Frank Austin was tickled to find out he’d be receiving an award for his work through the Elmira aphasia group he started, the Expressive Café.
But, he’s never been in it for the recognition. He’s often said the group has helped him as much as he’s helped the other participants, who are fellow stroke survivors living with the challenges of aphasia.
Austin was selected as the recipient of the Toastmasters District 86 Communication and Leadership Award.
“For them to acknowledge me for what I’m trying to do and everything else, it’s a heck of a feather in my hat,” Austin said.
He was nominated after someone from the local Toastmasters group saw him speaking. He says he likes how well Expressive Café and Toastmasters’ missions align.
When he receives his award in Kitchener on Apr. 29, he has the opportunity to speak to the group during their Communication and Leadership Luncheon, and this time he’s using the chance to speak about something other than strokes.
“Now I have to put a different hat on and I haven’t done that for awhile, but this is good and challenging for me,” Austin said.
He’s already started working on his presentation, which he says has let him put on his old business hat and reminded him what it was like to be a leader and a manager. He’ll share what works for him when it comes to communication and leadership.
“I enjoyed it simply because of nine years after living with nothing but everything related with stroke and so forth, it’s going to be something different, get back to what I used to do, a little business,” Austin said.
He’s actually excited to meet the people who nominated and selected him, and says he’s not at all nervous.
Dennis Bartel, public relations manager for District 86 Toastmasters, explains how the award is chosen. They put out nominations throughout all of their members from the district – approximately 5,000 members – and then the members nominate someone that they feel would be a good recipient.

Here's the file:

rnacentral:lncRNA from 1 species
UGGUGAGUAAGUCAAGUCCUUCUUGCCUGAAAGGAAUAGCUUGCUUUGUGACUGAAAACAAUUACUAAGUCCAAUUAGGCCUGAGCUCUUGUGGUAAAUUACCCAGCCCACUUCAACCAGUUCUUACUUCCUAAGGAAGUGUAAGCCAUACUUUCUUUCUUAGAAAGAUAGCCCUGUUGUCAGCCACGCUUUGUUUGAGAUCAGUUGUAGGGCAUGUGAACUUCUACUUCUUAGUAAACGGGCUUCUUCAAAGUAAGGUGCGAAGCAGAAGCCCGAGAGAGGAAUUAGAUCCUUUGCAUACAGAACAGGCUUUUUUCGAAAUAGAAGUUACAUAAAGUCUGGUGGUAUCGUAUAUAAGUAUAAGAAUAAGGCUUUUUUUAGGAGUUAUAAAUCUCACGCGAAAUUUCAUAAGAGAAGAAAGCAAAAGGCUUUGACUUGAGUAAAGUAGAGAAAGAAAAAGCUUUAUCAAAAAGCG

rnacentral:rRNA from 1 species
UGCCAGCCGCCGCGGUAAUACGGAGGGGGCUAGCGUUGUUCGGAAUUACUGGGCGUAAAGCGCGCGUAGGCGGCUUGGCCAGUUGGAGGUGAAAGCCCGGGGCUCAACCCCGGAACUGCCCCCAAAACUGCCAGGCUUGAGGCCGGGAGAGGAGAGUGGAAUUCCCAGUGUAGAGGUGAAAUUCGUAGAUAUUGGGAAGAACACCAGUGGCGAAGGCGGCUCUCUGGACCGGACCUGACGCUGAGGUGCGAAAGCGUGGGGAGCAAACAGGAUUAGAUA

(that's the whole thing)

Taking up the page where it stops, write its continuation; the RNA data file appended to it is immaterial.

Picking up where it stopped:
It has to be someone within their district who is not a Toastmaster and has excellent communication skills, leadership and follows the Toastmasters values.
He received the submissions and then he sent his recommendation to the district committee to make the final selection. He says Austin stood out for him as an excellent recipient.
“For me personally, it wasn’t really the stroke, which is a sad thing. It was having to retrain himself to communicate and then helping others in a safe environment, similar to what Toastmasters do with their clubs,” Bartel said.
Bartel was impressed by the fact that Austin doesn’t have to help others who are going through the same struggles, but he chooses to.
Austin also spends plenty of time at the Grand River Hospital visiting people as a volunteer with Stroke Recovery KW.
Bartel says the award is important to continue year after year because it helps get the Toastmasters name out there, but also they want to recognize those who are not Toastmasters but are doing the same things that they do as an organization: helping people become better communicators and better leaders.
Austin had heard of Toastmasters after he had his stroke but before he started Expressive Café and he wanted to get in touch with them. But at the time he didn’t follow through because he wasn’t sure of himself and wasn’t as strong in his speaking as he wanted to be.
But now, he’s reconsidering.
“I could see myself joining them. I’ve talked about it with my wife and said ‘why not,’ it could only make things better for me,” Austin said.
The Expressive Café is held every Thursday morning at the Woolwich Memorial Centre where those with aphasia meet to chat, offer support and do some brain games to help improve their reading, writing, and speaking. This year marks the group’s fifth-year anniversary.
Now nine years since he had his stroke, Austin is glad to not be defined by it.
“I’m more than just a stroke survivor.”